Mitchell Jansen feared death from a young age.
- Death Cafe was created by two dying doulas who talked about the concept at a “dying to know” expo.
- The death cafe concept started in the UK in 2011 and there have been over 14,000 meetings held in 81 countries.
- Some attendees are dying, others have lost loved ones, and some come seeking advice on planning their funeral
The 25-year-old suffered from anxiety and panic attacks over his own mortality.
“I had a very morbid fear of death because I have cystic fibrosis, so death hangs over my head a bit,” Jansen said.
“It was a constant fear, I was always filled with dread, it felt like I was going to die young, and with the pandemic I’m at high risk.”
A trip to the Tassie Death Cafe in Hobart lightened the load.
“I feel like I’ve been heard and I feel like a weight is on my shoulders. I have an idea of what I want when I die,” Mr Jansen said.
“Even though [death] is a very common fear, you always feel lonely and just being around like-minded people, where I can have my morbid jokes, is a little nicer.”
The death of his great-grandmother prompted Mr. Jansen to take a trip to the Death Cafe and also created a desire to work in the funeral industry.
Death Cafe – a monthly get-together over coffee and cake, often between complete strangers – has been around since 2019.
It was put together by end-of-life doulas Leigh Connell and Lynn Redwig, who spoke about the concept at a “dying to know” expo.
“It’s very simple. The point is really to come together and talk about death and dying in a safe space,” Ms Connell said.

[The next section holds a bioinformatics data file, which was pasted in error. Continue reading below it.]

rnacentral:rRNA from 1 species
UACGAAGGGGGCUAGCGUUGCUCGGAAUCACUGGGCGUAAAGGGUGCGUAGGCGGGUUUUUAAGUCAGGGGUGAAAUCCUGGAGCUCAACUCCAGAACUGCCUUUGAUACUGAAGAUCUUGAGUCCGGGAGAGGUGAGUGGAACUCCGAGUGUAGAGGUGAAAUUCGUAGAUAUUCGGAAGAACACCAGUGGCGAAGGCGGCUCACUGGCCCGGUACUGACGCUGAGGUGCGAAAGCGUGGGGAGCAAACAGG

“It’s an opportunity for people to talk about something that’s quite taboo, and there are people who want to talk about it, but they’re turned away.”
The death cafe movement is booming.
It started in the UK in 2011 and since then it is estimated that there have been over 14,000 meetings held in 81 countries.
The participants do not know each other, some are dying, others have lost a loved one and there are those who come to seek advice on how to plan their funeral.
The Tasmanian branch welcomed participants aged 18 to the late 80s.
The funeral was a hot topic.
“What really turns people on is going to a funeral and finding it a little hollow. Sometimes they come out and think ‘I don’t want mine like that,'” Ms Connell said.
“People are really starting to think about what they would like for themselves in the future and want to document that.”
“Little information” on the end of life
End-of-life doula Lynn Redwig says coffee isn’t as morbid as its name suggests.
“When people hear about it, they might think it’s a bit serious and a bit sad, but we get quite a bit of laughter and laughter,” Ms Redwig said.
“It’s always fascinating because you never know who’s showing up and who’s bringing what into space.”
Nikita Harris attended Death Cafe three times and said she had “always been interested in the subject that no one talks about”.
She worked in a nursing home for nine years.
“They often call aged care facilities God’s waiting room. I have met some of the most amazing people and had the privilege of being with them in their final moments. lead me to wonder what happens when you pass by,” Ms Harris said.
“A lot of times people wouldn’t eat or drink and they could tell you ‘my husband is picking me up’, and their husband had died years before.”
Ms Harris said death could be better managed in elderly care.
“In the industry, there is a lot of rush to move the body after they die, but I want people to know that they have time to sit down with their loved ones, have the opportunity to wash their loved ones, to dress them, take their loved ones home if they want to,” Ms. Harris said.
“There is very little information in the industry, even for personnel, regarding end of life and training around end of life.
“There just needs to be more nurturing and nurturing and more love given.”
Death cafe co-founder Ms. Redwig also works as a school nurse and would like talks about death to be part of the school curriculum.
“I was saying to the director, ‘wouldn’t it be wonderful if it was part of the Australian curriculum to teach children from the start to learn about death, to learn about the concept of death and dying'” , she said. said.
“It’s important that we live in a world where we can talk about it because it will happen to everyone sooner or later.”